For Western blot analysis, cells were lysed in PRO-PREP protein extraction solution (iNtRON Biotechnology, Korea), and protein concentrations were determined using the BCA Protein Assay Kit (Pierce, USA). Fifty μg of protein was separated on NuPAGEⓡ 4-12 % Bis-Tris Gel (Invitrogen, Carlsbad, CA), and the proteins were electroblotted to polyvinylidene fluoride (PVDF) membranes (Millipore, MA). After blocking with 1% Tween 20-Tris-buffered saline containing 5% nonfat dry milk, the membrane was incubated overnight at 4°C with HOXA11 antibody (Abcam, England). Membrane was washed three times for 15 minutes with blocking solution and incubated with secondary antibody (Southern biotech, USA) for 2 hours at room temperature. Membrane was washed again three times for 15 minutes with blocking solution and incubated with WEST-ZOL (plus) chemiluminescence reagent (iNtRON Biotechnology, Korea) for 5 minutes and exposed to film (Kodak BioMax light film, USA).

TSA and 5-Aza-dC treatment of cells

Cells were incubated with 10 μM 5-Aza-2’-deoxycytidine (5-Aza-dC; Sigma Aldrich, St. Louis, MO) for 72 h or were co-incubated with 0.5 μM trichostatin A (TSA) for the final 24 h of those 72 h. After 72 h of culture, cells were harvested and washed in ice-cold PBS. Genomic DNA and mRNA were then isolated and subjected to analysis of the methylation status by EpiTYPERTM assay and methylation-sensitive high-resolution melt (MS-HRM) assay and of the expression level by RT-PCR and quantitative real-time PCR.

Methylation-sensitive high-resolution melt (MS-HRM) assay

Methylation statuses of HOXA11 in response to 5-Aza-dC were analyzed using the MS-HRM assay in six lung cancer cell lines, and 10 ng of bisulfite-treated genomic DNA was amplified for the assay. Primers were designed using SEQUENOM EpiDesigner software (Supplementary Table S3), and MS-HRM was performed on LC-480 real-time PCR machine and analyzed by Gene Scanning software (Roche, Swiss).

Transient transfection of HOXA11

To determine the effect of HOXA11 on migration and proliferation, H23 cells were transfected with 1 µg of HOXA11 using LipofectaminTM 2000 (Life Technologies, Carlsbad, CA). Full-length HOXA11 cDNA (Clone number: IRATp970D0771D) was purchased from Source BioScience (Nottingham, UK). pAcGFP-HOXA11 constructs were generated by cloning HOXA11 cDNA in-frame into a pAcGFP1-C1 vector (CLONTECH, Oxford, UK). For the migration assay, H23 cells were seeded in six well plates at a concentration of 1 × 105 cells and incubated overnight to approximately 60-80% confluence. They were then transfected with 1 μg of a pAcGFP1-C1 constitutively expressing HOXA11 or with an empty vector using LipofectaminTM 2000 (Life Technologies, Carlsbad, CA) according to the manufacturer’s instructions.

After 48 h of transfection, the expression of HOXA11 was confirmed by western blot analysis according to a standard protocol using primary antibodies directed against GFP (sc-9996; Santa Cruz Biotechnology, CA, USA). Migration assay was performed using transwell migration chambers (6.5 mm diameter polycarbonate membranes, 8 µm pore size) (Corning Costar, Lowell, MA) according to the manufacturer’s instructions. The absorbance was measured at 564 nm using VERSAmax microplate reader (Molecular devices). For proliferation assay, H23 cells were seeded into 96-well plates at a density of 1 X 103 after transfection, and cell proliferation was measured by MTT assay every 24 hrs.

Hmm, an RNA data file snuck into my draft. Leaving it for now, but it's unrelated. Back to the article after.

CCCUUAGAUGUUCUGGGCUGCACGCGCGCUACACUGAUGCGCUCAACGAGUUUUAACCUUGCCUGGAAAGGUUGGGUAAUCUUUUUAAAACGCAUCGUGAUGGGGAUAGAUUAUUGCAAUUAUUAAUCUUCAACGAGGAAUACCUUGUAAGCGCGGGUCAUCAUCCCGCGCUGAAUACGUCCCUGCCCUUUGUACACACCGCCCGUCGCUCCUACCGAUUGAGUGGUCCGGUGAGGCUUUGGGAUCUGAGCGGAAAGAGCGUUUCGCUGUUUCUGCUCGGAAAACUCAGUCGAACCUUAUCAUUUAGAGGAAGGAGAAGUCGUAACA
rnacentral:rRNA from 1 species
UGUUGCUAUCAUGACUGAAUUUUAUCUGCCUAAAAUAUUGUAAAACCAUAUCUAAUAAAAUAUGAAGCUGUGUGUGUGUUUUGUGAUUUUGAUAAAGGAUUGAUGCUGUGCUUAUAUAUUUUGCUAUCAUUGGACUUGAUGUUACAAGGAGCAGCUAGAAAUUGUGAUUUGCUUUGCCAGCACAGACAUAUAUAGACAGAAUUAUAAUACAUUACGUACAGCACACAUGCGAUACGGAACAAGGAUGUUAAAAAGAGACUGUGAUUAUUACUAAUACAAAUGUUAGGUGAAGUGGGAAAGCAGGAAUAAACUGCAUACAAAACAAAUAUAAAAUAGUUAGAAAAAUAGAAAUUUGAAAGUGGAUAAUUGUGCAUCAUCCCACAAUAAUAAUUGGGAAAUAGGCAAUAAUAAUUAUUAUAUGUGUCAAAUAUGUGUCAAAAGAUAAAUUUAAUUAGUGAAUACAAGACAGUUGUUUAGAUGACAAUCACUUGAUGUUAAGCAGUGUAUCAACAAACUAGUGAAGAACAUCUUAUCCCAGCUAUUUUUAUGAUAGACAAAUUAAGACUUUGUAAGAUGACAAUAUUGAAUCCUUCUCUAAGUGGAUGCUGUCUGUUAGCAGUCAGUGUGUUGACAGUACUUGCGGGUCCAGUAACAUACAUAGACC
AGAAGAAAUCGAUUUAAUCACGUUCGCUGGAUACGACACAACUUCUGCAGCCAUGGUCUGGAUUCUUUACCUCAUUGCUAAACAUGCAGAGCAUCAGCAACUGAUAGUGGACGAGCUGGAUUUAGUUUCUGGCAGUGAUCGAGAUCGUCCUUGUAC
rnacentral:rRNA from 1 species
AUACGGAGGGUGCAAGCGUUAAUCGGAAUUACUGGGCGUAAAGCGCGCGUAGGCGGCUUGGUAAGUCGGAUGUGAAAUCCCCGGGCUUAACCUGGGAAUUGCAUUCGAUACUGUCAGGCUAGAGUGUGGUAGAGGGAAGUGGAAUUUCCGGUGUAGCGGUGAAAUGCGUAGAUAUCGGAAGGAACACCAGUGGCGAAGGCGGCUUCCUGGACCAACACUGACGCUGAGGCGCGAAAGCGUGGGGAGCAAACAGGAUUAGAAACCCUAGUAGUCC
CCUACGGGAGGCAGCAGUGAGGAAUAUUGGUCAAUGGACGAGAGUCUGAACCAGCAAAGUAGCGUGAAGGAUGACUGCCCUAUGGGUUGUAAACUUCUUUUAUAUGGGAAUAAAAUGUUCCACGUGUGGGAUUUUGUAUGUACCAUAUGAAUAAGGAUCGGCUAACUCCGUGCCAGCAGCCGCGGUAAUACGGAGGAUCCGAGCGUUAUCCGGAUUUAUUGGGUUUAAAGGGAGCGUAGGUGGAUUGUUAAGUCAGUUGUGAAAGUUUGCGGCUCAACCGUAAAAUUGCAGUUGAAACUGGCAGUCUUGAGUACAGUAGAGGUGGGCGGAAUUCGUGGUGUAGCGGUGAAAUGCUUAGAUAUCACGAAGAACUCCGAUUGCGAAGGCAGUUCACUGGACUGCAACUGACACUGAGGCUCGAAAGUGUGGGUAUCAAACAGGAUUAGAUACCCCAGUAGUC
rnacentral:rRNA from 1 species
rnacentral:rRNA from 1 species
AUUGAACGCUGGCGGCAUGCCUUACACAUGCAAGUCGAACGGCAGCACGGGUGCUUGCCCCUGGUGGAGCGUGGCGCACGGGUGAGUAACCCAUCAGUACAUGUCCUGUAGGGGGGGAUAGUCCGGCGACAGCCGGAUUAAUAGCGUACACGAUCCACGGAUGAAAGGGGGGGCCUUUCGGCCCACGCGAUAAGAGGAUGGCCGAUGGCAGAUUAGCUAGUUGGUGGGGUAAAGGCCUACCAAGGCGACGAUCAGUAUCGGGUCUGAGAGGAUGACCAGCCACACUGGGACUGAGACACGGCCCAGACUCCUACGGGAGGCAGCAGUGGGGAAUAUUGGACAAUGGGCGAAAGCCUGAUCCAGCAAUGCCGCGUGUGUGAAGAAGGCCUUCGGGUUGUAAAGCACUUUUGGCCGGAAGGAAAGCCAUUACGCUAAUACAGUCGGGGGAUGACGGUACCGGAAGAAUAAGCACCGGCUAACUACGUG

Immunohistochemistry of Ki-67

Ki-67 expression status in formalin-embedded paraffin-embedded tissue samples was assessed as described previously [22]. The fraction of Ki-67-positive cells (Ki-67 proliferation index) was defined as the proportion of the nuclear staining of the tumor cells that were positively stained with a monoclonal anti-Ki-67 antibody (clone MIB-1, DAKO, Carpinteria, CA).

Methylation-specific polymerase chain reaction (MSP)

The methylation statuses of HOXA11 in the 317 formalin-fixed paraffin-embedded tissues were determined using methylation-specific PCR (MSP), as described previously (2). For MSP, two sets of primers were used to amplify methylated and unmethylated allele, respectively. The primer sequences are listed in Supplementary Table S4.

Statistical Analysis

The differences in clinicopathological characteristics and methylation status of HOXA11 were analyzed using the t-test (or Wilcoxon rank sum test) and the Chi-squared test (or Fisher’s exact test) for continuous and categorical variables, respectively. Survival estimate for HOXA11 hypermethylation on survival was calculated using Kaplan-Meier survival curves, and the statistical comparison of survival curves between the two groups was evaluated using a log-rank test. The hazard ratios of independent predictor variables, after adjusting for potential confounders, were determined using the Cox proportional hazards regression model.

ACKNOWLEDGEMENTS

The authors wish to thank Eun-Kyung Kim and Jin-Hee Lee for data collection and management, and Hoon Suh and Seo Kyu Park for sample collection. This work was supported by grants from the National Cancer Center (NCC 1110140-1 and 1110100-2), the Basic science research Program through the National Research Foundation of Korea (NRF) funded by the Ministry of Education, Science and Technology (2011-0026037), and the National Research Foundation of Korea (NRF) grant funded by the Korea government (MEST) (No. 2011-0029138), Republic of Korea.